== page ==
There’s laughter in the breast cancer ward.
Shaheenah Dawood is in her bright sunny office wearing a lab coat, a floral dress and a smile that can make anyone feel welcome and well.
The only thing that is infectious here, in these corridors at the Mediclinic Parkview Hospital in Dubai where we meet, is her energy.
Working 7AM to 10PM seeing cancer patients and giving them care and cure, this Consultant Medical Oncologist and Professor of Clinical Oncology can’t afford to not be that ray of light and hope, and to the care-giving staff around her as well – such as during the lockdown in 2020, when she ordered cheerful pink, blue and yellow scrubs and PPE for those in her department.
But the Emirati doctor’s 24-page CV and the assortment of papers, accolades and awards to her name apart, there is passion in her voice, and serious purpose to her work.
“I always knew oncology is what I wanted to do,” begins Dawood. “And for several reasons. One, I’m a chatterbox, and I could talk as much as I wanted to these patients; the people you’re going to form long-term relationships with. Two, if you get a patient with cancer early on, you can cure them, and the satisfaction you get from curing that one patient, there’s nothing like it… The last decade has been truly exciting in the field of oncology more than any other specialty.”
Typifying everything the United Arab Emirates (UAE) aims to be in the realm of healthcare for the world, with the glistening city of Dubai becoming the hotbed of healthcare innovation and medical tourism in recent years, Dawood is at the forefront of leading that change, with research, clinical trials, personalized medicine and breakthroughs in oncology to vastly change patient outcomes.
She trained in medical oncology at McGill University Hospitals in Canada, sub-specialized in breast cancer management at the MD Anderson Cancer Center, served as an Editorial Fellow at the New England Journal of Medicine and has an MPH degree from the Harvard School of Public Health.
She could have stayed on in the United States but decided to return home more than a decade ago to become one of the first female oncologists at the time in the UAE, and make a difference.
“I think the UAE, with our leader, is just unbelievable in the way it has put women out there in the healthcare sector. I came in with so many ideas that the first thing I did was put those ideas aside, and say ‘I need to develop something here that’s accommodating to the people here’. I became the head of oncology at Dubai Health Authority, but there was a lot of work to do.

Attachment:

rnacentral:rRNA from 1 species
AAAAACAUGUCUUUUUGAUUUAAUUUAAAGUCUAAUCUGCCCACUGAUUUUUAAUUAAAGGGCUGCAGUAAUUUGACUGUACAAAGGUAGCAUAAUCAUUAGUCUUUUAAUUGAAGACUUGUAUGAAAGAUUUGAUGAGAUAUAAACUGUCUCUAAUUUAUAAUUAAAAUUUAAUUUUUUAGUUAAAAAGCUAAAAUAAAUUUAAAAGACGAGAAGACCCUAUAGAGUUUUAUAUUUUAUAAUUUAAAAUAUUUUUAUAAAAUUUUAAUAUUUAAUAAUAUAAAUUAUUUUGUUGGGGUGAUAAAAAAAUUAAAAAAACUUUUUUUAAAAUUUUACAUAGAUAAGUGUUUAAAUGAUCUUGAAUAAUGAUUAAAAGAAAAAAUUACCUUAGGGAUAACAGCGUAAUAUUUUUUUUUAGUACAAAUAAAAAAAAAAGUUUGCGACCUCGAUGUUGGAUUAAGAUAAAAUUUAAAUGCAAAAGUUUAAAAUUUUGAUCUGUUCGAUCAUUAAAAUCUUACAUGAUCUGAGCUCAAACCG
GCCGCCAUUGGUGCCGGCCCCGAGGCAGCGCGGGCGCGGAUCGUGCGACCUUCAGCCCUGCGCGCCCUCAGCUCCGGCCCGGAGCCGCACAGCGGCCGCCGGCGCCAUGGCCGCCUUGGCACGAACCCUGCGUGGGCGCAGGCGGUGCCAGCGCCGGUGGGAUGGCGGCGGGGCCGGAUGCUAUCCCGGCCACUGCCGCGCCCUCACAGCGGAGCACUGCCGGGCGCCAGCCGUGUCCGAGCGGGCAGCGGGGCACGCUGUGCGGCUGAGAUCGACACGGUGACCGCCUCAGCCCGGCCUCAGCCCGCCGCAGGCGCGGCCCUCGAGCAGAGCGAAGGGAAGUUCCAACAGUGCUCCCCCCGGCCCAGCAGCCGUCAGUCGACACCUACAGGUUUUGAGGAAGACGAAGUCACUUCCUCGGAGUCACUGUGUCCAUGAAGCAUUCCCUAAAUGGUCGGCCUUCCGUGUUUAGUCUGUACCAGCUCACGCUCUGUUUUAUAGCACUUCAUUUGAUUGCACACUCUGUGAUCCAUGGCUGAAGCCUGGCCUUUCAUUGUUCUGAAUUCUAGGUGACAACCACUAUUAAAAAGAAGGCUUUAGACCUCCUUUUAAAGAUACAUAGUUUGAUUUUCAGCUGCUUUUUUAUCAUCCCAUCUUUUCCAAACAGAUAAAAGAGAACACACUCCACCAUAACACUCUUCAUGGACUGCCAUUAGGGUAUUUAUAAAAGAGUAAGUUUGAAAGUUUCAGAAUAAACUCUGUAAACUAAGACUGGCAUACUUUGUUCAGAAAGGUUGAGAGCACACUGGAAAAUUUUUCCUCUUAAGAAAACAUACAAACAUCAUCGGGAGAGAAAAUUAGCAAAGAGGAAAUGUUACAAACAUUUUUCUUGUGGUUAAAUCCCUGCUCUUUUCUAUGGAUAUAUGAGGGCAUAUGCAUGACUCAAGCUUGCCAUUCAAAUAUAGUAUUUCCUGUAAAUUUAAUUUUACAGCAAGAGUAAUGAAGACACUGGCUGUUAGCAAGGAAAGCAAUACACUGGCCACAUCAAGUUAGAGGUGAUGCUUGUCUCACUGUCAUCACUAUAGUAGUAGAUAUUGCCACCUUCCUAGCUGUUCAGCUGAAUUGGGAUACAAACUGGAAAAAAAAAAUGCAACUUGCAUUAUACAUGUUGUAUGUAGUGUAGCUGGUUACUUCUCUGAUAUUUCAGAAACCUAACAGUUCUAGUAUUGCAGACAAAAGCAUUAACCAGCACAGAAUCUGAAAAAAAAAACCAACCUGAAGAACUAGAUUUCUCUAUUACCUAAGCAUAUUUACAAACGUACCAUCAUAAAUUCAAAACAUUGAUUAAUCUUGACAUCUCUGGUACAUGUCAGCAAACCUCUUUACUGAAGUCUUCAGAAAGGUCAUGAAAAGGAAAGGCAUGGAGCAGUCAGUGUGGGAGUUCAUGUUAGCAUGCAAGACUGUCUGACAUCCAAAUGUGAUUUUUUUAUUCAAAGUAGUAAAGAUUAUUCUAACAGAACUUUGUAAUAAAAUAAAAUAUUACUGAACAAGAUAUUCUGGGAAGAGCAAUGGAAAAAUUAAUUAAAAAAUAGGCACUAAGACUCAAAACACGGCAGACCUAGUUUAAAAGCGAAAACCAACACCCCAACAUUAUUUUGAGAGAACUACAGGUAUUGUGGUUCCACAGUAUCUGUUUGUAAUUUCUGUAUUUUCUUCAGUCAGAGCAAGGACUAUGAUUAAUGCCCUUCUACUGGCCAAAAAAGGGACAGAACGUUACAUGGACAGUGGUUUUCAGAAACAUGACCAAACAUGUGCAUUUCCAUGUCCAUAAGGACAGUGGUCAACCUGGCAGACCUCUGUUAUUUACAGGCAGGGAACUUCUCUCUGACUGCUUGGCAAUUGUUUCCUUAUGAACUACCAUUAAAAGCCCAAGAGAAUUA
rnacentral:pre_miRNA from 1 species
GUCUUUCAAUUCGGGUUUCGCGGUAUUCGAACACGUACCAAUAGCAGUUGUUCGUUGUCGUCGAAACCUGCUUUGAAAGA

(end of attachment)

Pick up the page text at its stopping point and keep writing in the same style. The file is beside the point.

“I developed multidisciplinary tumor boards and comprehensive cancer care programs, working with an excellent group of people. And then I decided to break off and do something other than just clinical work, so I started the Excellence in Oncology Care Summit, which started off with 120 people, and last year, we had 4,000 attending virtually as well as in-person from across Southeast Asia, the Middle East and Africa.”
The list goes on, and Dawood is now heading and establishing the oncology clinical trials program at Mediclinic City Hospital that will allow patients in the Middle East to access drugs they would otherwise not have been able to.
“Tests are horribly expensive, everywhere around the globe… There is data that compared to any other specialty, oncology medications cost the most… We need to have better access to treatment, and one of them is trying to overcome the cost… And we need to start addressing it seriously to be able to offer the same type of care to everyone, irrespective of their financial situation…
“I had a patient from Africa, I can tell you he sold his land to come here and get the medication. I have a lot of patients from Nigeria and Eritrea. We do hear their stories..,” says Dawood, her voice laced with concern but also hope.
In addition, she spends her time teaching at the Mohammed Bin Rashid University Of Medicine and Health Sciences and working with PhD and medical students on their research initiatives.
“The only thing that I keep telling the newer generation,” says the 40-something game-changer in the medical sector, “is that you can achieve what you set your mind to achieve by working hard, and that no problem is without a solution.”